omething that will do good.
I am sure I hope we shall.
Just now I am much more troubled about the European war than about our liquor law, which I do not hear mentioned once a month.
But, if you will keep out of it in England, I will be content.
At one time I trusted, or rather I hoped, that the financial question would override all the others, and that money would not be found to carry on the contest.
But armed men seem to spring from the earth, as they did in the times of Cadmus and Jason, merely because wickedness has been sown broadcast; and the harvest of such seed can only be desolation and misery.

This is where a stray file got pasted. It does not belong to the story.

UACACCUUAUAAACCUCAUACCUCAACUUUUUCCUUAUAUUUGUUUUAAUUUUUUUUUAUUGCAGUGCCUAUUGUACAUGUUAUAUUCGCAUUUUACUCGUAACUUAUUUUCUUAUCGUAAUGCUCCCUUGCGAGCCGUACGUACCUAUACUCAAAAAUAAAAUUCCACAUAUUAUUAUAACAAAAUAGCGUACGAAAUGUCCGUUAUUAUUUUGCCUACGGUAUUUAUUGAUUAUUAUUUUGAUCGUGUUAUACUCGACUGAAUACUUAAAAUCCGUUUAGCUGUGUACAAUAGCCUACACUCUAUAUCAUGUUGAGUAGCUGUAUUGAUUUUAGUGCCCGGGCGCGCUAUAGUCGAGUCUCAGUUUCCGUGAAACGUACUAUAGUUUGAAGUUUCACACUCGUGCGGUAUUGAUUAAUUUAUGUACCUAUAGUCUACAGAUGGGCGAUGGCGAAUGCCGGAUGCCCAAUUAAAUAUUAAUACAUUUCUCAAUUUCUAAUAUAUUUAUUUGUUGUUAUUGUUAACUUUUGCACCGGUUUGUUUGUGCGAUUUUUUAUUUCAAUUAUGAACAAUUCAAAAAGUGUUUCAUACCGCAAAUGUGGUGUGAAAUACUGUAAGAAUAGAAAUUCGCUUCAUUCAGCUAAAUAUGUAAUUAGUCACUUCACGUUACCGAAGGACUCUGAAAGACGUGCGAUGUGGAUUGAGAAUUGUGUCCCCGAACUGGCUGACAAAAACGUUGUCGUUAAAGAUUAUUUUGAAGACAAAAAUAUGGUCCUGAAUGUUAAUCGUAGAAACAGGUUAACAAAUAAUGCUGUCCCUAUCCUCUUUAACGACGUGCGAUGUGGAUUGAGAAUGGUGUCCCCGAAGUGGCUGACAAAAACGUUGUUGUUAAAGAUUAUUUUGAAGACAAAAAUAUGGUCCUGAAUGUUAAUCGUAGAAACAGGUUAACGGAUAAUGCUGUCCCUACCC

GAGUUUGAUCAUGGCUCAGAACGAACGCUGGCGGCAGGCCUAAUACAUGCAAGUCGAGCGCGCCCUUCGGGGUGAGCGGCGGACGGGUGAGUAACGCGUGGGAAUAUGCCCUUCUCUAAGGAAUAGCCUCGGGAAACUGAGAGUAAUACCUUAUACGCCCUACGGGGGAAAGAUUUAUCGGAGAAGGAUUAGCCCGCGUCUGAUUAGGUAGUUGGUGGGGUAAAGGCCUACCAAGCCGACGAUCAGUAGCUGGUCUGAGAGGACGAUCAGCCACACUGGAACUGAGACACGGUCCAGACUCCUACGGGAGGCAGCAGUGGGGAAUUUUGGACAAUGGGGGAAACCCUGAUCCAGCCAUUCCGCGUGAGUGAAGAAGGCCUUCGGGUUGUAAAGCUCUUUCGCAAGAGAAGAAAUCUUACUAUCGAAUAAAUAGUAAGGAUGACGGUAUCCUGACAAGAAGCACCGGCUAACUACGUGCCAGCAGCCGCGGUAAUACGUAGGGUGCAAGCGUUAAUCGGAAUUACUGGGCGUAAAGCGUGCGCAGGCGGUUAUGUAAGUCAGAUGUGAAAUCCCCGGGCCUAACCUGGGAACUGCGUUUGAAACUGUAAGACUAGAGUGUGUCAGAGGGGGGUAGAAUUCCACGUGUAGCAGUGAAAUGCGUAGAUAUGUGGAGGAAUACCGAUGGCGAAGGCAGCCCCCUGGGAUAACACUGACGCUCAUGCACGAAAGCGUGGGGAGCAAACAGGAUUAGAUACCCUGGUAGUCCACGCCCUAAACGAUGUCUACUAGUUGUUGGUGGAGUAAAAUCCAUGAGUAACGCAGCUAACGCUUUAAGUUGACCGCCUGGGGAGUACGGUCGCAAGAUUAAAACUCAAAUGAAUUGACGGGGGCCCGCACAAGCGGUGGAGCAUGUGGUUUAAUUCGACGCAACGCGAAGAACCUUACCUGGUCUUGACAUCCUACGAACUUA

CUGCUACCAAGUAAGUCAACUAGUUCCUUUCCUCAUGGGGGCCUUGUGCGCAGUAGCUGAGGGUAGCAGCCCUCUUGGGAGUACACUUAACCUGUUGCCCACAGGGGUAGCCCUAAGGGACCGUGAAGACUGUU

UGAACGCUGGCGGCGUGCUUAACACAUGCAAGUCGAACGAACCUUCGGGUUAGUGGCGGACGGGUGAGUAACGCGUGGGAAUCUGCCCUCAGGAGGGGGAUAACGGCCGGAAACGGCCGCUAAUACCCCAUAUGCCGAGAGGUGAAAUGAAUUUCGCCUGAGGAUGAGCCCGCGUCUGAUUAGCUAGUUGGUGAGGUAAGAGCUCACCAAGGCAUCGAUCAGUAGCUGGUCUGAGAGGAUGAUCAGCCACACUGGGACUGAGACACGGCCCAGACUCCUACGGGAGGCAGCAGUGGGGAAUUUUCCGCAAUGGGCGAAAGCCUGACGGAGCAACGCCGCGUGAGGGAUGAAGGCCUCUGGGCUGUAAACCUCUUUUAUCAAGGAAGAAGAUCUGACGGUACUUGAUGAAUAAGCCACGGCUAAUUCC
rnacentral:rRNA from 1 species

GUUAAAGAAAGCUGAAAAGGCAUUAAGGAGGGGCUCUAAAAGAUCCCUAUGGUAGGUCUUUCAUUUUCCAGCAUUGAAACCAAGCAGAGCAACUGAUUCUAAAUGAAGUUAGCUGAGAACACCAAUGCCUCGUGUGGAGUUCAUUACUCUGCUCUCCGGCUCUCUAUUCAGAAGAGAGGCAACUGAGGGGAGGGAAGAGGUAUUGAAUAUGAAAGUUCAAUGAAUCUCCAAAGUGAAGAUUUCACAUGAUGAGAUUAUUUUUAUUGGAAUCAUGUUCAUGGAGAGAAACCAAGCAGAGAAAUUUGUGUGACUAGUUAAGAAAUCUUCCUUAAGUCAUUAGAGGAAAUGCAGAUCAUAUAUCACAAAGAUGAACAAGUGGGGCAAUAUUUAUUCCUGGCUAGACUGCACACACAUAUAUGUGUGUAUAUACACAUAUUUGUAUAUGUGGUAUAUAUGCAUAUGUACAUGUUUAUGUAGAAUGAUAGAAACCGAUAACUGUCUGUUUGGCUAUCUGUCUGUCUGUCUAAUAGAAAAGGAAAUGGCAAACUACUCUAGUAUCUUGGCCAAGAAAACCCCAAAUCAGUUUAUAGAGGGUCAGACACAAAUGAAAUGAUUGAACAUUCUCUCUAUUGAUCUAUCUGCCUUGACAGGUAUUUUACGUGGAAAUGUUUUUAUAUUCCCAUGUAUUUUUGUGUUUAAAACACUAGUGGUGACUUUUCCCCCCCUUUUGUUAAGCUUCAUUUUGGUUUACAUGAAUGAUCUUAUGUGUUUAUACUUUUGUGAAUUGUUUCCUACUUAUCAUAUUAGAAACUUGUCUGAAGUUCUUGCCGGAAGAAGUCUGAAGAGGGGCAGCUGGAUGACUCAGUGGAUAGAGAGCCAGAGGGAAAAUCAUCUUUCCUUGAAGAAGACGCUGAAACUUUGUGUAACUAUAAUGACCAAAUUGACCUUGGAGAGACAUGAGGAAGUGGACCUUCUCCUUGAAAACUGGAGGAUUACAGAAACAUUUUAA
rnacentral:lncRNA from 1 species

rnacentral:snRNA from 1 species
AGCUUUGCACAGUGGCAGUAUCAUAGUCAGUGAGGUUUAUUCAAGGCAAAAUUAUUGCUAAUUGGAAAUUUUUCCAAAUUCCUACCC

Of course, our sympathies are all with the Italians.
The difficulty is to see how they are to get any benefit from the struggle. . . . . The ultimate horror is that, with every revolution and war, the governments necessarily become more military,— the number of the standing armies is increased; and this, if the history of the race for three thousand years means anything, is t